The Mind Has To Be Right For Love
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Politics and Activism

The Mind Has To Be Right For Love

The Link between Mental Health and Maternal Relationships in the Black Community

The Mind Has To Be Right For Love

Recently, during movie night with my friends we stumbled across the movie, "Mississippi Damned," a riveting movie exposing the toxic cycles and realities of sexual abuse, domestic abuse, homosexuality, alcoholism, poverty, and mental health in the black community. The drama incited deep reflection on the underlying factors of these cycles, and ultimately, it boiled down to the inadvertent emotional neglect and unhealthy lines of communication between black parents (especially mothers) and their children. African American women, out of necessity, are expected to bend over backwards to provide for their family in a physical capacity. As a result, emotional/psychological well being of the family often falls by the wayside. Granted, the moral support of the black family dynamic has been imperative to the survival of the community. However, it is no secret that mental health and wellbeing is an epidemic in our community that has consistently been swept under the rug.

Historically, the struggle of the black family has far exceeded mental health, and was centered on physical survival and safety. Beginning with slavery, African American women were so consumed with fighting to keep their family together and safe that they weren't able to form traditional relationships due to environmental stressors. Following slavery, the grips of Jim Crow hindered the fostering of healthy maternal relationships. With the disenfranchisement of our people, the black mother's primary focus was providing opportunities and safety for their children under the system of white supremacy. These centuries of a social environment that wasn't conducive to a healthy family dynamic has led to inadvertent emotional neglect. Out of necessity, we've had more "pressing matters" to deal with than mental health. However, as of late we've seen generational emotional neglect rear its ugly faces in today's black community in the form of mental, emotional, sexual abuse, domestic violence, social disorders, and more.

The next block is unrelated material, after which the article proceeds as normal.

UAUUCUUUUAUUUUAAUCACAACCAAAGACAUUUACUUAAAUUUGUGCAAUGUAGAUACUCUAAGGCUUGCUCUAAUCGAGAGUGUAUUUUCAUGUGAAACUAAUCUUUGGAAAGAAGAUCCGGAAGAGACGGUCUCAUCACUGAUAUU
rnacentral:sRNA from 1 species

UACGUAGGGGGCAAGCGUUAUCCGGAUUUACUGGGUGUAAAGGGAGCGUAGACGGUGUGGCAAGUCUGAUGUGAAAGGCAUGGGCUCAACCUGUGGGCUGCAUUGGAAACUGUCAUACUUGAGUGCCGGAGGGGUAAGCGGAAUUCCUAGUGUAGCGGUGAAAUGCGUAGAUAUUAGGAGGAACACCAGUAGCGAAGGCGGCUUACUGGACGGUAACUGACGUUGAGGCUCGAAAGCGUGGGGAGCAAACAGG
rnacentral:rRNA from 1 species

In the black community, from a young age we were taught that "what happens in this house, stays in this house!" Meaning any issues the family was facing were not to leave the confides of the home. But what happens when there's no healthy lines of communication? When the home doesn't allow you to have open dialogue about what's going on personally? Many times emotional needs are swept under the rug, and important issues (like sexual abuse) are not addressed to be sensitive to the family's needs and struggles. These emotions and traumatic experiences are, in turn, harbored in unhealthy ways such as lashing out, beauty complexes, and social disorders. As these children grow older and start families of their own they, once again, inadvertently project their emotional insecurities and needs onto their children. Because their emotional needs weren't met, they don't know healthy ways to deal with their families.

Now don't get me wrong, black women have been the paradigm of the black community; and I am in no way saying that all black mothers don't attend the emotional needs of the children. However, to deny that there are toxic cycles in the community stemming from maternal relationships would be a travesty. Due to the emphasis on black mothers providing physically for their children, the black community has equated caring for a family with only tangible needs. I say this not to bash our mothers, but, in fact, to break the cycles! To call attention to the issues of mental health and wellness for the sake of black children!

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This article has not been reviewed by Odyssey HQ and solely reflects the ideas and opinions of the creator.
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